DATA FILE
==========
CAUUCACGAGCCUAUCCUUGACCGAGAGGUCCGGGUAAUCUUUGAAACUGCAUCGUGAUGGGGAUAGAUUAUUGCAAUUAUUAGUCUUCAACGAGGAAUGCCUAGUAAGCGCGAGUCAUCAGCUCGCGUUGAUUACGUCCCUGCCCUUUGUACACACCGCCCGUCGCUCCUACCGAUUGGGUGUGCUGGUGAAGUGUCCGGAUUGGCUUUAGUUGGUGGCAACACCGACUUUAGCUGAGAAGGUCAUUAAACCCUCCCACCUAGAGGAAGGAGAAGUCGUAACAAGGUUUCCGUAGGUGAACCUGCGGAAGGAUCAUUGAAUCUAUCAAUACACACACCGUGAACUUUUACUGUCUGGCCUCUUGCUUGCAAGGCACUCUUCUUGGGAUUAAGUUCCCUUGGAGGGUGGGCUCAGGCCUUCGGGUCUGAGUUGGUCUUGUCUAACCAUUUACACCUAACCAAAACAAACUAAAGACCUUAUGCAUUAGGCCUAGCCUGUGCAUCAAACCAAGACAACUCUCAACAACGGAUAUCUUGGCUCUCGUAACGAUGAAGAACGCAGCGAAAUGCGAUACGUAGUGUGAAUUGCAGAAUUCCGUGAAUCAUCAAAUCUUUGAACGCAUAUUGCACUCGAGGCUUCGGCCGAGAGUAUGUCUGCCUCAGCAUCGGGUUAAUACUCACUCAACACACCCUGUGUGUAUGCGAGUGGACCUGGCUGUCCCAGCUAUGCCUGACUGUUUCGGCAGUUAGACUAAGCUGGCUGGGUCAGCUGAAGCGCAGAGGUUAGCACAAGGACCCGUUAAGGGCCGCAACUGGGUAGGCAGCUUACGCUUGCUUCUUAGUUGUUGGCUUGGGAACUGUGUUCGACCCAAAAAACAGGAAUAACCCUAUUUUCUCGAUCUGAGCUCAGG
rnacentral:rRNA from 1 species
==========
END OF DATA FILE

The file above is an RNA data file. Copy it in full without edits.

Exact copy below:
CAUUCACGAGCCUAUCCUUGACCGAGAGGUCCGGGUAAUCUUUGAAACUGCAUCGUGAUGGGGAUAGAUUAUUGCAAUUAUUAGUCUUCAACGAGGAAUGCCUAGUAAGCGCGAGUCAUCAGCUCGCGUUGAUUACGUCCCUGCCCUUUGUACACACCGCCCGUCGCUCCUACCGAUUGGGUGUGCUGGUGAAGUGUCCGGAUUGGCUUUAGUUGGUGGCAACACCGACUUUAGCUGAGAAGGUCAUUAAACCCUCCCACCUAGAGGAAGGAGAAGUCGUAACAAGGUUUCCGUAGGUGAACCUGCGGAAGGAUCAUUGAAUCUAUCAAUACACACACCGUGAACUUUUACUGUCUGGCCUCUUGCUUGCAAGGCACUCUUCUUGGGAUUAAGUUCCCUUGGAGGGUGGGCUCAGGCCUUCGGGUCUGAGUUGGUCUUGUCUAACCAUUUACACCUAACCAAAACAAACUAAAGACCUUAUGCAUUAGGCCUAGCCUGUGCAUCAAACCAAGACAACUCUCAACAACGGAUAUCUUGGCUCUCGUAACGAUGAAGAACGCAGCGAAAUGCGAUACGUAGUGUGAAUUGCAGAAUUCCGUGAAUCAUCAAAUCUUUGAACGCAUAUUGCACUCGAGGCUUCGGCCGAGAGUAUGUCUGCCUCAGCAUCGGGUUAAUACUCACUCAACACACCCUGUGUGUAUGCGAGUGGACCUGGCUGUCCCAGCUAUGCCUGACUGUUUCGGCAGUUAGACUAAGCUGGCUGGGUCAGCUGAAGCGCAGAGGUUAGCACAAGGACCCGUUAAGGGCCGCAACUGGGUAGGCAGCUUACGCUUGCUUCUUAGUUGUUGGCUUGGGAACUGUGUUCGACCCAAAAAACAGGAAUAACCCUAUUUUCUCGAUCUGAGCUCAGG
rnacentral:rRNA from 1 species